The commercial model for software on devices is for Apps. That works great when an app matches the task you have, but falls down when you have to cross one or more apps. Android has made some progress in getting around this (intents); iOS is starting to create corrals of apps (e.g. passbook); and Facebook has created the people-centric ‘Home’. Have we passed the peak of importance for apps?
Taking my arguments about pixels being relative another step, the CSS pixel sizes that device makers use actually tell us the distance away from your eye that they think you should hold a device. Applying a bit of maths lets us work out what that distance is.
Daniel Davis posted a simple survey of screen sizes which jogged my memory and I thought I would add some more data. I looked at the Google Analytics (GA) for a site I have access to with traffic in the low millions per month, and took a sample of that for December.
The recent ‘vexing viewports‘ article on Alistapart is a call on device manufacturers to choose a reasonable CSS-pixel resolution for each device so that responsive design works. This is something I totally agree with and support, but I’m not sure the iPad mini example they use is as clear it seems.
I keep reading recommendations for using EMs or other typographical units for layout, which I still don’t understand. At best it is an extra layer of abstraction, at worst it is misleading and likely to cause more issues than it solves. I will try to demonstrate why pixels are the best relative unit.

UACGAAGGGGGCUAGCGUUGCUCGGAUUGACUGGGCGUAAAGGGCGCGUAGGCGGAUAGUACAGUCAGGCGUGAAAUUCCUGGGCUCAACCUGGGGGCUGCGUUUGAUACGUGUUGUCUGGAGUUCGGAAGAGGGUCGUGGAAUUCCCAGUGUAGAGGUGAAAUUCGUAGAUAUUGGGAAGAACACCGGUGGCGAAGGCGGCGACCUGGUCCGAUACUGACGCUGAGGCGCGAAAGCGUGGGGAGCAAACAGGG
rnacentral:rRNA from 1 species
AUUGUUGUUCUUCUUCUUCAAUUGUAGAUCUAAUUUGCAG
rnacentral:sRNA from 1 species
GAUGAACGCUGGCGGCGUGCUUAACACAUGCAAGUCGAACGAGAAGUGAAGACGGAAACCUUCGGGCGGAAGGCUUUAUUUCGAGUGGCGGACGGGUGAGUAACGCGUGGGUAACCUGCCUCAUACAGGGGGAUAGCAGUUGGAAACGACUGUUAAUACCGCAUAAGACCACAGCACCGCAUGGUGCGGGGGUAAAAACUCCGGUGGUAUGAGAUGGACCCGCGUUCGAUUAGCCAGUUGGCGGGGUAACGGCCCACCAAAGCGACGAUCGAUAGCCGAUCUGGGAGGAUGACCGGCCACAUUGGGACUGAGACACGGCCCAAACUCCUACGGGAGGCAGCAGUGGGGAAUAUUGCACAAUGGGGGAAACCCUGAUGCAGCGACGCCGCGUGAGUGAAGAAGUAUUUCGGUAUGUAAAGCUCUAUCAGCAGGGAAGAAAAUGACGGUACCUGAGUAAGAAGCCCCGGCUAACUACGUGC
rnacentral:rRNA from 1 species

Layout methods in web design have gone through a transition in the last few years, unfortunately we’re still using floats a lot, but flexible layouts have made a comeback in the form of responsive design – which is great. Recently though, I have been puzzled by people suggesting that we should use EMs for layout…
I just had an interesting day at the Open Rights GroupConference (#ORGcon). As someone that doesn’t identify with any political party, it’s the only (mildly) activistic group I’m involved in. That’s probably due to the close connection with the tools I use everyday at work, like the Internet.
A few things I learned from the day…
In a rare non-web related post, I had a thought on HDR (High Dynamic Range) photography I wanted to share. Some people seem anti-HDR, I’ve just been trying it out.
I’ve noticed a bug in Webkit browsers that impacts accessibility: Zooming in does not trigger media queries. Responsive design techniques can really help people who zoom in with their browser, but not in Chrome or Safari at the moment.